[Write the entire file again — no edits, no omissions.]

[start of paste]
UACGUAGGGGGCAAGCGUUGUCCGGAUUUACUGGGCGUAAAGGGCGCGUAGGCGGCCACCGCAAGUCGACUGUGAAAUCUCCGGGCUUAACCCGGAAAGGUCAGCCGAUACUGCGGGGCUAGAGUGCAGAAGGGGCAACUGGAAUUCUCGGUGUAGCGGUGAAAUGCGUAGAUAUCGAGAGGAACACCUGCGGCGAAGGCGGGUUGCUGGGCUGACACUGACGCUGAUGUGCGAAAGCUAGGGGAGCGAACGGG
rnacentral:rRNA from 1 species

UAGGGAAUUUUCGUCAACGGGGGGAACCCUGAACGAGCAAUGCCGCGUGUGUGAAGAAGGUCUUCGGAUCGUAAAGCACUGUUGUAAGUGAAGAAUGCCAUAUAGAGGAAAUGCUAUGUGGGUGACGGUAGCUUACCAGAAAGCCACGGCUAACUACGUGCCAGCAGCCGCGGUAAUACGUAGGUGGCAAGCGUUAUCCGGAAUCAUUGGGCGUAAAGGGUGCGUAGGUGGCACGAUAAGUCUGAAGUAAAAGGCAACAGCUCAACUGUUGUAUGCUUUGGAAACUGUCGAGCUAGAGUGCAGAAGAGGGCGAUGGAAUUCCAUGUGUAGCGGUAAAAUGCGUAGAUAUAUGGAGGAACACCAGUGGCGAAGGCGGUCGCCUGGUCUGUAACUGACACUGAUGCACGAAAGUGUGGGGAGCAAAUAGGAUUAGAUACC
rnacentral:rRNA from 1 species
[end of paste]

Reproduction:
UACGUAGGGGGCAAGCGUUGUCCGGAUUUACUGGGCGUAAAGGGCGCGUAGGCGGCCACCGCAAGUCGACUGUGAAAUCUCCGGGCUUAACCCGGAAAGGUCAGCCGAUACUGCGGGGCUAGAGUGCAGAAGGGGCAACUGGAAUUCUCGGUGUAGCGGUGAAAUGCGUAGAUAUCGAGAGGAACACCUGCGGCGAAGGCGGGUUGCUGGGCUGACACUGACGCUGAUGUGCGAAAGCUAGGGGAGCGAACGGG
rnacentral:rRNA from 1 species

UAGGGAAUUUUCGUCAACGGGGGGAACCCUGAACGAGCAAUGCCGCGUGUGUGAAGAAGGUCUUCGGAUCGUAAAGCACUGUUGUAAGUGAAGAAUGCCAUAUAGAGGAAAUGCUAUGUGGGUGACGGUAGCUUACCAGAAAGCCACGGCUAACUACGUGCCAGCAGCCGCGGUAAUACGUAGGUGGCAAGCGUUAUCCGGAAUCAUUGGGCGUAAAGGGUGCGUAGGUGGCACGAUAAGUCUGAAGUAAAAGGCAACAGCUCAACUGUUGUAUGCUUUGGAAACUGUCGAGCUAGAGUGCAGAAGAGGGCGAUGGAAUUCCAUGUGUAGCGGUAAAAUGCGUAGAUAUAUGGAGGAACACCAGUGGCGAAGGCGGUCGCCUGGUCUGUAACUGACACUGAUGCACGAAAGUGUGGGGAGCAAAUAGGAUUAGAUACC
rnacentral:rRNA from 1 species